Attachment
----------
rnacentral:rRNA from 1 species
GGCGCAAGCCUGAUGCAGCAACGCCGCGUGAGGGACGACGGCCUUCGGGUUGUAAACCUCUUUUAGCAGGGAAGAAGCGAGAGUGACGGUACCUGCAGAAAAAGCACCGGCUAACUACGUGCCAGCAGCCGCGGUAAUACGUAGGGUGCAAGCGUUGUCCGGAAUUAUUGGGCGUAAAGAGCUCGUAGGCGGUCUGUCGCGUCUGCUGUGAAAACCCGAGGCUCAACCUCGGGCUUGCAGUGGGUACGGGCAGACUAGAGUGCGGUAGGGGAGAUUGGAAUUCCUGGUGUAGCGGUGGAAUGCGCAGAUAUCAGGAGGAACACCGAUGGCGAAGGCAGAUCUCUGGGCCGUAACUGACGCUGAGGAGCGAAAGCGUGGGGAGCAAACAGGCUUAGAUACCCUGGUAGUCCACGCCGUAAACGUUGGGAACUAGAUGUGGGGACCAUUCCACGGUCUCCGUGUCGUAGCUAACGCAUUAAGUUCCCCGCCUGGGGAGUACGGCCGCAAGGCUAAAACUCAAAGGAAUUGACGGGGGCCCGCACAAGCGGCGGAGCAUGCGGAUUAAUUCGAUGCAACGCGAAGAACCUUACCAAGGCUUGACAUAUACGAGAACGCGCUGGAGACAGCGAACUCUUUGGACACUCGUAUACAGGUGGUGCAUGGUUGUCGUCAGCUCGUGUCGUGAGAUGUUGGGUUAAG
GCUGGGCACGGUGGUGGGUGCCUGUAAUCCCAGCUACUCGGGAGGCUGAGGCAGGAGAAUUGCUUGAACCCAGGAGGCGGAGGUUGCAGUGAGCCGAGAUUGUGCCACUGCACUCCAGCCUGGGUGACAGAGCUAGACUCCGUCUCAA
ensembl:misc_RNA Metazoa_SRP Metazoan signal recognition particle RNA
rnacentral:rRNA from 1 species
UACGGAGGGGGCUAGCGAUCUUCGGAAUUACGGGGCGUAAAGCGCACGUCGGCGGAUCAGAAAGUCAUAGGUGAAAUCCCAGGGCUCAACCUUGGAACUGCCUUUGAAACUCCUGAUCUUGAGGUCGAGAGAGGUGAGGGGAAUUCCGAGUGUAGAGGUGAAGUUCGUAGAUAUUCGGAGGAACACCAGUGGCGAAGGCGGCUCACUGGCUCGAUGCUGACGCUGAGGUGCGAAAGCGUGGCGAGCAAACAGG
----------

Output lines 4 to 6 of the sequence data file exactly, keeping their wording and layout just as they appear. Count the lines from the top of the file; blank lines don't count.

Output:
ensembl:misc_RNA Metazoa_SRP Metazoan signal recognition particle RNA
rnacentral:rRNA from 1 species
UACGGAGGGGGCUAGCGAUCUUCGGAAUUACGGGGCGUAAAGCGCACGUCGGCGGAUCAGAAAGUCAUAGGUGAAAUCCCAGGGCUCAACCUUGGAACUGCCUUUGAAACUCCUGAUCUUGAGGUCGAGAGAGGUGAGGGGAAUUCCGAGUGUAGAGGUGAAGUUCGUAGAUAUUCGGAGGAACACCAGUGGCGAAGGCGGCUCACUGGCUCGAUGCUGACGCUGAGGUGCGAAAGCGUGGCGAGCAAACAGG